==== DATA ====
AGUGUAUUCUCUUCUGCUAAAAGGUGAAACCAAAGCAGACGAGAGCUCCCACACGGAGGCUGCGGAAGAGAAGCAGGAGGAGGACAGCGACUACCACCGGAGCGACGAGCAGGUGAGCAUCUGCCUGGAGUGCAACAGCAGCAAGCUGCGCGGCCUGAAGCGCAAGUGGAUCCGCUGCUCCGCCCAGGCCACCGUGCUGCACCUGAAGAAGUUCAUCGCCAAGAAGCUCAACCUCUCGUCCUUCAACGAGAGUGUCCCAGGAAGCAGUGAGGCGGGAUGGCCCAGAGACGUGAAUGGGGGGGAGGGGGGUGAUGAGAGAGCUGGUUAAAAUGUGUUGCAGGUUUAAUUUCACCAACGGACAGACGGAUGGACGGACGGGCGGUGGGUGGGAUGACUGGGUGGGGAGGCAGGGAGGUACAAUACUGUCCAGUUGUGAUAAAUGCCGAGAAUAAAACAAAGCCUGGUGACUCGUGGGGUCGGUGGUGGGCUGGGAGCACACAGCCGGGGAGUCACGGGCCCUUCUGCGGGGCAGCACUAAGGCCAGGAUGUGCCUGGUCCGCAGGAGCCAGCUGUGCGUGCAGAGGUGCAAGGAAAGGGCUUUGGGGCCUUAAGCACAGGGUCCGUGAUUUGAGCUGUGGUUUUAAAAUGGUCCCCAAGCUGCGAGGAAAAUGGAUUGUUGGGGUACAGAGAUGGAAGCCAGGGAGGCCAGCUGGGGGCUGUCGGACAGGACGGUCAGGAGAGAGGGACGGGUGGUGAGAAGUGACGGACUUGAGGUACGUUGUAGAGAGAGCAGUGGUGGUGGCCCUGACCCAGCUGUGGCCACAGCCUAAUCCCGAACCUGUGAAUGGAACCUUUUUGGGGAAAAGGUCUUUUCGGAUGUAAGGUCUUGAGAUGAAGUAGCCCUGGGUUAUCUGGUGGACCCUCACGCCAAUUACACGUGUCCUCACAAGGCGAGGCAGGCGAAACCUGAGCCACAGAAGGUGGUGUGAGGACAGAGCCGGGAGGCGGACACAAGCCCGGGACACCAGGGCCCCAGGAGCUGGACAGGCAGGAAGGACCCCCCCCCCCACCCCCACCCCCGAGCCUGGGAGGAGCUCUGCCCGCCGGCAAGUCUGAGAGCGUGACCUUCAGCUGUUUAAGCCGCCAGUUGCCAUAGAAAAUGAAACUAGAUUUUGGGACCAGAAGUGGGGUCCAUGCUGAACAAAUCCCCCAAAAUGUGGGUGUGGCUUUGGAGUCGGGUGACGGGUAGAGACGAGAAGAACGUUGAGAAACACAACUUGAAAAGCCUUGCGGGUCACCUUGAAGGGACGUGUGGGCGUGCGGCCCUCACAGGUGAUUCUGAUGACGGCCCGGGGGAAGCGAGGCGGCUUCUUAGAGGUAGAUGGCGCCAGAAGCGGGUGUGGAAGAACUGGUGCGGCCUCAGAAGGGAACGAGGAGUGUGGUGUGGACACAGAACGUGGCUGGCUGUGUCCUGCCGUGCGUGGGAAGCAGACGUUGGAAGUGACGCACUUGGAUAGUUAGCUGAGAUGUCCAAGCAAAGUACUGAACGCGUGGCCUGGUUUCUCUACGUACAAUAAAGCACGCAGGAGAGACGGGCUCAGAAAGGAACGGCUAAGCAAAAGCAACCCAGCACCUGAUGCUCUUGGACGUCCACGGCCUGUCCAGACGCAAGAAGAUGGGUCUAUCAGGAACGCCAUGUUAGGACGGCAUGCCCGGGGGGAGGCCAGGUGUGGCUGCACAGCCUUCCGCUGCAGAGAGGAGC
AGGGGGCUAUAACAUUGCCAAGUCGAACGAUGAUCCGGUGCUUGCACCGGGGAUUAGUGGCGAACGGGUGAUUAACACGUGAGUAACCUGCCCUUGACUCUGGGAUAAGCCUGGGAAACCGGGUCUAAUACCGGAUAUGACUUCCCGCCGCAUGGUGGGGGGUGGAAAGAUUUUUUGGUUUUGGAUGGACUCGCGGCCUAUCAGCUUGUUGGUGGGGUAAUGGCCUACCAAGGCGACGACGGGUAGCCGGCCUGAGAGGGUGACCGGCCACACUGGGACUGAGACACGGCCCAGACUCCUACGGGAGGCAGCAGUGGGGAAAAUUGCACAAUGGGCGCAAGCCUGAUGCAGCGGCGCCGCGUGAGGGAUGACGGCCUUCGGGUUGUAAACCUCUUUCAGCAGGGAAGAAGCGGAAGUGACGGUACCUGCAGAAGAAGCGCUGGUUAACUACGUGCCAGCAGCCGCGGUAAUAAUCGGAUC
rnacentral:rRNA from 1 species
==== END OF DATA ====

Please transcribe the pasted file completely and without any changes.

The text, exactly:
AGUGUAUUCUCUUCUGCUAAAAGGUGAAACCAAAGCAGACGAGAGCUCCCACACGGAGGCUGCGGAAGAGAAGCAGGAGGAGGACAGCGACUACCACCGGAGCGACGAGCAGGUGAGCAUCUGCCUGGAGUGCAACAGCAGCAAGCUGCGCGGCCUGAAGCGCAAGUGGAUCCGCUGCUCCGCCCAGGCCACCGUGCUGCACCUGAAGAAGUUCAUCGCCAAGAAGCUCAACCUCUCGUCCUUCAACGAGAGUGUCCCAGGAAGCAGUGAGGCGGGAUGGCCCAGAGACGUGAAUGGGGGGGAGGGGGGUGAUGAGAGAGCUGGUUAAAAUGUGUUGCAGGUUUAAUUUCACCAACGGACAGACGGAUGGACGGACGGGCGGUGGGUGGGAUGACUGGGUGGGGAGGCAGGGAGGUACAAUACUGUCCAGUUGUGAUAAAUGCCGAGAAUAAAACAAAGCCUGGUGACUCGUGGGGUCGGUGGUGGGCUGGGAGCACACAGCCGGGGAGUCACGGGCCCUUCUGCGGGGCAGCACUAAGGCCAGGAUGUGCCUGGUCCGCAGGAGCCAGCUGUGCGUGCAGAGGUGCAAGGAAAGGGCUUUGGGGCCUUAAGCACAGGGUCCGUGAUUUGAGCUGUGGUUUUAAAAUGGUCCCCAAGCUGCGAGGAAAAUGGAUUGUUGGGGUACAGAGAUGGAAGCCAGGGAGGCCAGCUGGGGGCUGUCGGACAGGACGGUCAGGAGAGAGGGACGGGUGGUGAGAAGUGACGGACUUGAGGUACGUUGUAGAGAGAGCAGUGGUGGUGGCCCUGACCCAGCUGUGGCCACAGCCUAAUCCCGAACCUGUGAAUGGAACCUUUUUGGGGAAAAGGUCUUUUCGGAUGUAAGGUCUUGAGAUGAAGUAGCCCUGGGUUAUCUGGUGGACCCUCACGCCAAUUACACGUGUCCUCACAAGGCGAGGCAGGCGAAACCUGAGCCACAGAAGGUGGUGUGAGGACAGAGCCGGGAGGCGGACACAAGCCCGGGACACCAGGGCCCCAGGAGCUGGACAGGCAGGAAGGACCCCCCCCCCCACCCCCACCCCCGAGCCUGGGAGGAGCUCUGCCCGCCGGCAAGUCUGAGAGCGUGACCUUCAGCUGUUUAAGCCGCCAGUUGCCAUAGAAAAUGAAACUAGAUUUUGGGACCAGAAGUGGGGUCCAUGCUGAACAAAUCCCCCAAAAUGUGGGUGUGGCUUUGGAGUCGGGUGACGGGUAGAGACGAGAAGAACGUUGAGAAACACAACUUGAAAAGCCUUGCGGGUCACCUUGAAGGGACGUGUGGGCGUGCGGCCCUCACAGGUGAUUCUGAUGACGGCCCGGGGGAAGCGAGGCGGCUUCUUAGAGGUAGAUGGCGCCAGAAGCGGGUGUGGAAGAACUGGUGCGGCCUCAGAAGGGAACGAGGAGUGUGGUGUGGACACAGAACGUGGCUGGCUGUGUCCUGCCGUGCGUGGGAAGCAGACGUUGGAAGUGACGCACUUGGAUAGUUAGCUGAGAUGUCCAAGCAAAGUACUGAACGCGUGGCCUGGUUUCUCUACGUACAAUAAAGCACGCAGGAGAGACGGGCUCAGAAAGGAACGGCUAAGCAAAAGCAACCCAGCACCUGAUGCUCUUGGACGUCCACGGCCUGUCCAGACGCAAGAAGAUGGGUCUAUCAGGAACGCCAUGUUAGGACGGCAUGCCCGGGGGGAGGCCAGGUGUGGCUGCACAGCCUUCCGCUGCAGAGAGGAGC
AGGGGGCUAUAACAUUGCCAAGUCGAACGAUGAUCCGGUGCUUGCACCGGGGAUUAGUGGCGAACGGGUGAUUAACACGUGAGUAACCUGCCCUUGACUCUGGGAUAAGCCUGGGAAACCGGGUCUAAUACCGGAUAUGACUUCCCGCCGCAUGGUGGGGGGUGGAAAGAUUUUUUGGUUUUGGAUGGACUCGCGGCCUAUCAGCUUGUUGGUGGGGUAAUGGCCUACCAAGGCGACGACGGGUAGCCGGCCUGAGAGGGUGACCGGCCACACUGGGACUGAGACACGGCCCAGACUCCUACGGGAGGCAGCAGUGGGGAAAAUUGCACAAUGGGCGCAAGCCUGAUGCAGCGGCGCCGCGUGAGGGAUGACGGCCUUCGGGUUGUAAACCUCUUUCAGCAGGGAAGAAGCGGAAGUGACGGUACCUGCAGAAGAAGCGCUGGUUAACUACGUGCCAGCAGCCGCGGUAAUAAUCGGAUC
rnacentral:rRNA from 1 species